Buuuuuuuuu curated by Astrid Peterle

As a curator these days I am actually at a loss how one can react to the humanitarian crisis we are currently facing. Nevertheless I still believe in the political strength and energy artistic practice can unleash not only in the field of art. I am most interested in those moments where art penetrates into other social fields, where it shakes people up from their daily routine, if only for a second, or where it works to empower people who cannot or do not want to be part of the artistic field (which in many ways often still is very elite and disconnected from those who do not posses the knowledge/education/resources to engage with it). I picked a few projects that either directly react to the current situations or which I discovered a longer time ago but fit into a reflection of the many things going wrong theses days.

'Weaponise the internet'  by One of My Kind (OOMK)
A feminist project that deals with self empowerment of young Muslim women, promoting a positive feeling of their identities in opposition to the negative definition of being Muslim which is constantly constructed by media and right wing politics in Europe and the USA.

The MigrationLab is a project that is active all across Europe to bring together migrants, refugees and host communities with means of art and non-formal education. One form of events they initiate was also established in Vienna during the last Vienna Design Week in 2015:

Welcome to The Living Room is a public living room co-created by migrants, refugees and locals in cities across Europe, where these communities share stories and reflections on migration using artistic expression.

'True Finn – Tosi suomalainen', by Yael Bartana, 2014

One artist whose work I admire a lot is Yael Bartana. For the Finnish IHMW Art Festival Bartana created a kind of utopian community of people living in Finland with different religious, ethical and political backgrounds, thus questioning what a national identity, in this case Finnishness, actually constitutes.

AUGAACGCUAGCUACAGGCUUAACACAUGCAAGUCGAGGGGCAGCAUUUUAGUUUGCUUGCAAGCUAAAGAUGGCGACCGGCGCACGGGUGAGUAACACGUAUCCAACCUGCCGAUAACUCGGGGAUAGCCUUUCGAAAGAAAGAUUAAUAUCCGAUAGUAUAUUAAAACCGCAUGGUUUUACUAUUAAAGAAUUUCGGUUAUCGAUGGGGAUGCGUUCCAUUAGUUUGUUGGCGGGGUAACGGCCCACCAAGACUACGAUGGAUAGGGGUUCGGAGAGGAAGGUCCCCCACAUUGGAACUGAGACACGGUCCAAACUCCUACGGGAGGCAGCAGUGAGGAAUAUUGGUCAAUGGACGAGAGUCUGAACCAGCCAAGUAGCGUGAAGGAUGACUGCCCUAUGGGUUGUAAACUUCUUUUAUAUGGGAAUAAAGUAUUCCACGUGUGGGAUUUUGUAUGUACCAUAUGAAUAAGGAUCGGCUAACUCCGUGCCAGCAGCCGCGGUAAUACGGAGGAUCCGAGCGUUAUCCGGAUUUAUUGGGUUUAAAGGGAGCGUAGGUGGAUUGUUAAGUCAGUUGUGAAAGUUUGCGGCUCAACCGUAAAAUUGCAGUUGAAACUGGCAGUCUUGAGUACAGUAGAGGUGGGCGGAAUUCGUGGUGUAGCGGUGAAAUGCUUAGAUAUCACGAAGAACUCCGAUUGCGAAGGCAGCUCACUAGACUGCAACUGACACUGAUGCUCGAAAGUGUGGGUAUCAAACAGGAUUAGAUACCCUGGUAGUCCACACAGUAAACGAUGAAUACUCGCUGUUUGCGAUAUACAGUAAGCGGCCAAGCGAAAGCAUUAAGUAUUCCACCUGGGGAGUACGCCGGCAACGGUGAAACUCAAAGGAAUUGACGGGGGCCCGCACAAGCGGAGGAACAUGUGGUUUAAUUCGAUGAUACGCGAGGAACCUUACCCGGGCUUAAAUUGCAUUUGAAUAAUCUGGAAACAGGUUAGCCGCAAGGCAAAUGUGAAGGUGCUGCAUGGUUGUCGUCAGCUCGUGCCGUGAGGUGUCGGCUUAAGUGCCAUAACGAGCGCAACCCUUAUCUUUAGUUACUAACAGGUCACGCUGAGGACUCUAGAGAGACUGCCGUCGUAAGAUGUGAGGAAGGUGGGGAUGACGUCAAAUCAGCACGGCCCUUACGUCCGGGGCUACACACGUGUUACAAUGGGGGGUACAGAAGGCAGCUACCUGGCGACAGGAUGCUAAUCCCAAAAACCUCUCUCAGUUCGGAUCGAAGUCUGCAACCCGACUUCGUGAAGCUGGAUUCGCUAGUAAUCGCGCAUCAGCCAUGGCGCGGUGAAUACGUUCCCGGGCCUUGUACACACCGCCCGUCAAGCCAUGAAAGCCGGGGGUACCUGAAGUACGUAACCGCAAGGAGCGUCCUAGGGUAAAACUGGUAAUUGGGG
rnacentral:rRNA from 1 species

'My Name Is Janez Janša' by Janez Janša, 2013

I have followed Janez Janša’s work for many years, dating back from when he worked as a choreographer and director under the name of Emil Hrvatin. Together with two fellow artists from Slovenia and Italy he created a politically very challenging project by officially renaming themselves with the name of the then ruling Slovenian prime minister Janez Janša. To this day I find it thought-provoking in regard to the issues of identity, nationality, and the relation between the individual human being and society.

The Austrian performance art collective God’s Entertainment has recently produced a project for Kampnagel in Hamburg that they had previously developed for Wiener Festwochen in 2012. The term “Intergrationsfähigkeit” (ability/skill to integrate) is now more topical as ever and all around us in the media and especially in right winged political debates. After the collective had inquired the Austrians passing by their “camp” about their will to integrate, they now asked similar questions in Hamburg.